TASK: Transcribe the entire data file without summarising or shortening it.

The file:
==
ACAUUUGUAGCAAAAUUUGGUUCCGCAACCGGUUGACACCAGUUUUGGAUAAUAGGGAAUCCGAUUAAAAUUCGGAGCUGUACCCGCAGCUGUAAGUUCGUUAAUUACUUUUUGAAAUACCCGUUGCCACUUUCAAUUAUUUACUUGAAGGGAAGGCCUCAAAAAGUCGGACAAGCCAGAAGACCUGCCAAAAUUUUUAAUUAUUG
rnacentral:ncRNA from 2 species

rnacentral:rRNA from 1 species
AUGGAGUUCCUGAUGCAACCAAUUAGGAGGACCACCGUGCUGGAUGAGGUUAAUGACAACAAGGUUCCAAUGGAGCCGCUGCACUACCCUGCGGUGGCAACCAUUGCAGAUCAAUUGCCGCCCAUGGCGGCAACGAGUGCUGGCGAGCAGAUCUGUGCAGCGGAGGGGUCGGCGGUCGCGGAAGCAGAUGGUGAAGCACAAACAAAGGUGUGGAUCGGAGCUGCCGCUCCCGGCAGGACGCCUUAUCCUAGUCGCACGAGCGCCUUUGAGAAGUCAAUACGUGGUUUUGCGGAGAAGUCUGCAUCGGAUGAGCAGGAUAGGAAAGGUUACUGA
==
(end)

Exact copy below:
ACAUUUGUAGCAAAAUUUGGUUCCGCAACCGGUUGACACCAGUUUUGGAUAAUAGGGAAUCCGAUUAAAAUUCGGAGCUGUACCCGCAGCUGUAAGUUCGUUAAUUACUUUUUGAAAUACCCGUUGCCACUUUCAAUUAUUUACUUGAAGGGAAGGCCUCAAAAAGUCGGACAAGCCAGAAGACCUGCCAAAAUUUUUAAUUAUUG
rnacentral:ncRNA from 2 species

rnacentral:rRNA from 1 species
AUGGAGUUCCUGAUGCAACCAAUUAGGAGGACCACCGUGCUGGAUGAGGUUAAUGACAACAAGGUUCCAAUGGAGCCGCUGCACUACCCUGCGGUGGCAACCAUUGCAGAUCAAUUGCCGCCCAUGGCGGCAACGAGUGCUGGCGAGCAGAUCUGUGCAGCGGAGGGGUCGGCGGUCGCGGAAGCAGAUGGUGAAGCACAAACAAAGGUGUGGAUCGGAGCUGCCGCUCCCGGCAGGACGCCUUAUCCUAGUCGCACGAGCGCCUUUGAGAAGUCAAUACGUGGUUUUGCGGAGAAGUCUGCAUCGGAUGAGCAGGAUAGGAAAGGUUACUGA